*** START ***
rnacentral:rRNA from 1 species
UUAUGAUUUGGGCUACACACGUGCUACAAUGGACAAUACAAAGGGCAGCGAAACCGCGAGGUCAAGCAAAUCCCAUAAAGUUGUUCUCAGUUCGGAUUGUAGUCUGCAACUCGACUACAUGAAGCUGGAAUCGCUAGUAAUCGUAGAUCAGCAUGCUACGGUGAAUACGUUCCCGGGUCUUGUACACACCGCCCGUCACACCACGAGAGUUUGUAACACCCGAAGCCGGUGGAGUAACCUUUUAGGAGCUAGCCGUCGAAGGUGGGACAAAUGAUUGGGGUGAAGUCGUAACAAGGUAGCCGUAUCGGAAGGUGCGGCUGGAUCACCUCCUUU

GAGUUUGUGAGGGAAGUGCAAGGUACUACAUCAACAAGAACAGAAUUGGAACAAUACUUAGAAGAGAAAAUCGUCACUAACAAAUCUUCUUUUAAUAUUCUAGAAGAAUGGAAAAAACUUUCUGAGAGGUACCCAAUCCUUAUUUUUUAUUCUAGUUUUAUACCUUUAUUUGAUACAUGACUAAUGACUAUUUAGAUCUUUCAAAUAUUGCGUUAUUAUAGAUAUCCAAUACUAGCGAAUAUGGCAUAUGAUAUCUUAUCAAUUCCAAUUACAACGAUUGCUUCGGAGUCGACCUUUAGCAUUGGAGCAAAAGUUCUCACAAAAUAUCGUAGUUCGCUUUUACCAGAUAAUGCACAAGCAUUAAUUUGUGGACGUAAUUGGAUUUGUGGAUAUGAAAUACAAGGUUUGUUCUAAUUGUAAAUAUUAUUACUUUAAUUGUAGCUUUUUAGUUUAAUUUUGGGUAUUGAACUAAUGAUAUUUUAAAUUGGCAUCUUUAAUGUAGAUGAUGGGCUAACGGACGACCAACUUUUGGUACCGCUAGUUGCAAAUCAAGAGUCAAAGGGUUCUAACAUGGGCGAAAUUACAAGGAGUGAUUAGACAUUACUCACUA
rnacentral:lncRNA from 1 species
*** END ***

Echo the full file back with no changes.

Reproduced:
rnacentral:rRNA from 1 species
UUAUGAUUUGGGCUACACACGUGCUACAAUGGACAAUACAAAGGGCAGCGAAACCGCGAGGUCAAGCAAAUCCCAUAAAGUUGUUCUCAGUUCGGAUUGUAGUCUGCAACUCGACUACAUGAAGCUGGAAUCGCUAGUAAUCGUAGAUCAGCAUGCUACGGUGAAUACGUUCCCGGGUCUUGUACACACCGCCCGUCACACCACGAGAGUUUGUAACACCCGAAGCCGGUGGAGUAACCUUUUAGGAGCUAGCCGUCGAAGGUGGGACAAAUGAUUGGGGUGAAGUCGUAACAAGGUAGCCGUAUCGGAAGGUGCGGCUGGAUCACCUCCUUU

GAGUUUGUGAGGGAAGUGCAAGGUACUACAUCAACAAGAACAGAAUUGGAACAAUACUUAGAAGAGAAAAUCGUCACUAACAAAUCUUCUUUUAAUAUUCUAGAAGAAUGGAAAAAACUUUCUGAGAGGUACCCAAUCCUUAUUUUUUAUUCUAGUUUUAUACCUUUAUUUGAUACAUGACUAAUGACUAUUUAGAUCUUUCAAAUAUUGCGUUAUUAUAGAUAUCCAAUACUAGCGAAUAUGGCAUAUGAUAUCUUAUCAAUUCCAAUUACAACGAUUGCUUCGGAGUCGACCUUUAGCAUUGGAGCAAAAGUUCUCACAAAAUAUCGUAGUUCGCUUUUACCAGAUAAUGCACAAGCAUUAAUUUGUGGACGUAAUUGGAUUUGUGGAUAUGAAAUACAAGGUUUGUUCUAAUUGUAAAUAUUAUUACUUUAAUUGUAGCUUUUUAGUUUAAUUUUGGGUAUUGAACUAAUGAUAUUUUAAAUUGGCAUCUUUAAUGUAGAUGAUGGGCUAACGGACGACCAACUUUUGGUACCGCUAGUUGCAAAUCAAGAGUCAAAGGGUUCUAACAUGGGCGAAAUUACAAGGAGUGAUUAGACAUUACUCACUA
rnacentral:lncRNA from 1 species